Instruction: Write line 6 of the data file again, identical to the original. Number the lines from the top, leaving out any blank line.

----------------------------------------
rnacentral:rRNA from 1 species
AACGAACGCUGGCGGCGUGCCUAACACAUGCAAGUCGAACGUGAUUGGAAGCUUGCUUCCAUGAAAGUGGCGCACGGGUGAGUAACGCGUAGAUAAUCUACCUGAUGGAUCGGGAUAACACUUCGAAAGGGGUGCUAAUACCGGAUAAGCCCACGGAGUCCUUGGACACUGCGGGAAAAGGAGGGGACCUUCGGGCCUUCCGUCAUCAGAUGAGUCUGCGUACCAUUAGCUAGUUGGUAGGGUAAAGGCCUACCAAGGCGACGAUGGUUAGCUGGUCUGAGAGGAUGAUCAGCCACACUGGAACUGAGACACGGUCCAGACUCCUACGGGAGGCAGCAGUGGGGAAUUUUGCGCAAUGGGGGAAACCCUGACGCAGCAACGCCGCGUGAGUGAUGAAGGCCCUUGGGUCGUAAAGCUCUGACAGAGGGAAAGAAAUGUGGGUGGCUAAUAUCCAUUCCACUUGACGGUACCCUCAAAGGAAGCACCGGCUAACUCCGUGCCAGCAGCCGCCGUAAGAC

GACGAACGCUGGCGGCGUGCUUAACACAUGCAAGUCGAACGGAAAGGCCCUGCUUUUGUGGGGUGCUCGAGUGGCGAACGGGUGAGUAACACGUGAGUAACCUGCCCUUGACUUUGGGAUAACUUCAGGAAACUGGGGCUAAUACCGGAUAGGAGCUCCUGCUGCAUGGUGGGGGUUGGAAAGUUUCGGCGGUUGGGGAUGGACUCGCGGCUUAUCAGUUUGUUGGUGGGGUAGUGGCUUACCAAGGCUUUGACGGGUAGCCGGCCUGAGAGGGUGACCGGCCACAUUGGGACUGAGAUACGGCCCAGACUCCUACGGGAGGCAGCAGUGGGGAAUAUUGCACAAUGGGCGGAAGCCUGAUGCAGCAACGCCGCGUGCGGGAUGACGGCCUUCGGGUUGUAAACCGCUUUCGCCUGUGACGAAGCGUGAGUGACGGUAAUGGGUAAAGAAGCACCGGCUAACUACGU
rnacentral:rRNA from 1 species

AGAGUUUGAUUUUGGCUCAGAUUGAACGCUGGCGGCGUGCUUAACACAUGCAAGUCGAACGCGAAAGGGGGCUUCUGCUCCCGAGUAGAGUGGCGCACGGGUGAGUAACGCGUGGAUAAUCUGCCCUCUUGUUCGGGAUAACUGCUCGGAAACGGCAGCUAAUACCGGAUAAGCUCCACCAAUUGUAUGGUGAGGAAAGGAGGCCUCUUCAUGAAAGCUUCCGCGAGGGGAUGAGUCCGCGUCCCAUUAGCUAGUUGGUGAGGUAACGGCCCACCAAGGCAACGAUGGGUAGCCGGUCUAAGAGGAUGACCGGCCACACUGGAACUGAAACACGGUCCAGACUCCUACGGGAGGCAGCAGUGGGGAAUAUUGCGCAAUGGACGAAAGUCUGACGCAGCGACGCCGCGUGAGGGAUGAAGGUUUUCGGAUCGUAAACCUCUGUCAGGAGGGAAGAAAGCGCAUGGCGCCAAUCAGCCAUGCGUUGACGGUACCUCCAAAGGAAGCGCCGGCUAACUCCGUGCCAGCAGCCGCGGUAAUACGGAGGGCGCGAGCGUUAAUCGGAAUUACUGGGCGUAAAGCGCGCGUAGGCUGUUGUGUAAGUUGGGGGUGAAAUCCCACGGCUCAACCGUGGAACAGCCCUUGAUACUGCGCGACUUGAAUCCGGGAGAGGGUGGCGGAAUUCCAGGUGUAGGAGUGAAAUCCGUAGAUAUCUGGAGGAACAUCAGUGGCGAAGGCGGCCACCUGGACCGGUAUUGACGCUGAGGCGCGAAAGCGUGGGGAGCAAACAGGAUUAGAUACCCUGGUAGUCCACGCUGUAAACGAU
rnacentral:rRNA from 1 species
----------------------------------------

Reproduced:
rnacentral:rRNA from 1 species